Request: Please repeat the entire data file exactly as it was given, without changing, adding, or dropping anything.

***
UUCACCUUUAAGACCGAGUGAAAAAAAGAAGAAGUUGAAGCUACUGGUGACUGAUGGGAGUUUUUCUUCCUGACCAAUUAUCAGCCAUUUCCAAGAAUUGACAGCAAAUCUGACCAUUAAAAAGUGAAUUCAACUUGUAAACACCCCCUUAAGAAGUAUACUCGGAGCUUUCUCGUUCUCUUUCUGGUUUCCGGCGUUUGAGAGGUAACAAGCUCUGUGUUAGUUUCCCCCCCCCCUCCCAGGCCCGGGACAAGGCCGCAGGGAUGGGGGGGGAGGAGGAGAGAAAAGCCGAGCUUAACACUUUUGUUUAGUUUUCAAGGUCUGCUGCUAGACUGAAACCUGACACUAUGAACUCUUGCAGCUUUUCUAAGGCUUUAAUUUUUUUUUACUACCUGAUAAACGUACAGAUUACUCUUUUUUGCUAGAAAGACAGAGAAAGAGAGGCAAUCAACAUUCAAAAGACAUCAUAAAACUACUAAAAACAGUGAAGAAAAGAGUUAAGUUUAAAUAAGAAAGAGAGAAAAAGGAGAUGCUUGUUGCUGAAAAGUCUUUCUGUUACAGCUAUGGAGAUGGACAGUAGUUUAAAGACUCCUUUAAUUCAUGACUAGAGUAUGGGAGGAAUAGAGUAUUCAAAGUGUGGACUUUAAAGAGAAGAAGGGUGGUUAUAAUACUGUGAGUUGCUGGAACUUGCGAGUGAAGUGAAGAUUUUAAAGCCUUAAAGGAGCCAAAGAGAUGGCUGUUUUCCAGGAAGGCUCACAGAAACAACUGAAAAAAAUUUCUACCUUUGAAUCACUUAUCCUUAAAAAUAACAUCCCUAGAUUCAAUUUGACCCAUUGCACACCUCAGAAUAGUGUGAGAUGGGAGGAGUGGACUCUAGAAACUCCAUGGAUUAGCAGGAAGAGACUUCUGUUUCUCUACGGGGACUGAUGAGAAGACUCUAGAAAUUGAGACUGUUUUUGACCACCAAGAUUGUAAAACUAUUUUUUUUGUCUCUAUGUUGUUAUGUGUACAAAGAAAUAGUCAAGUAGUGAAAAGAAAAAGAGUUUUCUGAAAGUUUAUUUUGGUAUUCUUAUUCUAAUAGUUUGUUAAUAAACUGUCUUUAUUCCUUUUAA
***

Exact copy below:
UUCACCUUUAAGACCGAGUGAAAAAAAGAAGAAGUUGAAGCUACUGGUGACUGAUGGGAGUUUUUCUUCCUGACCAAUUAUCAGCCAUUUCCAAGAAUUGACAGCAAAUCUGACCAUUAAAAAGUGAAUUCAACUUGUAAACACCCCCUUAAGAAGUAUACUCGGAGCUUUCUCGUUCUCUUUCUGGUUUCCGGCGUUUGAGAGGUAACAAGCUCUGUGUUAGUUUCCCCCCCCCCUCCCAGGCCCGGGACAAGGCCGCAGGGAUGGGGGGGGAGGAGGAGAGAAAAGCCGAGCUUAACACUUUUGUUUAGUUUUCAAGGUCUGCUGCUAGACUGAAACCUGACACUAUGAACUCUUGCAGCUUUUCUAAGGCUUUAAUUUUUUUUUACUACCUGAUAAACGUACAGAUUACUCUUUUUUGCUAGAAAGACAGAGAAAGAGAGGCAAUCAACAUUCAAAAGACAUCAUAAAACUACUAAAAACAGUGAAGAAAAGAGUUAAGUUUAAAUAAGAAAGAGAGAAAAAGGAGAUGCUUGUUGCUGAAAAGUCUUUCUGUUACAGCUAUGGAGAUGGACAGUAGUUUAAAGACUCCUUUAAUUCAUGACUAGAGUAUGGGAGGAAUAGAGUAUUCAAAGUGUGGACUUUAAAGAGAAGAAGGGUGGUUAUAAUACUGUGAGUUGCUGGAACUUGCGAGUGAAGUGAAGAUUUUAAAGCCUUAAAGGAGCCAAAGAGAUGGCUGUUUUCCAGGAAGGCUCACAGAAACAACUGAAAAAAAUUUCUACCUUUGAAUCACUUAUCCUUAAAAAUAACAUCCCUAGAUUCAAUUUGACCCAUUGCACACCUCAGAAUAGUGUGAGAUGGGAGGAGUGGACUCUAGAAACUCCAUGGAUUAGCAGGAAGAGACUUCUGUUUCUCUACGGGGACUGAUGAGAAGACUCUAGAAAUUGAGACUGUUUUUGACCACCAAGAUUGUAAAACUAUUUUUUUUGUCUCUAUGUUGUUAUGUGUACAAAGAAAUAGUCAAGUAGUGAAAAGAAAAAGAGUUUUCUGAAAGUUUAUUUUGGUAUUCUUAUUCUAAUAGUUUGUUAAUAAACUGUCUUUAUUCCUUUUAA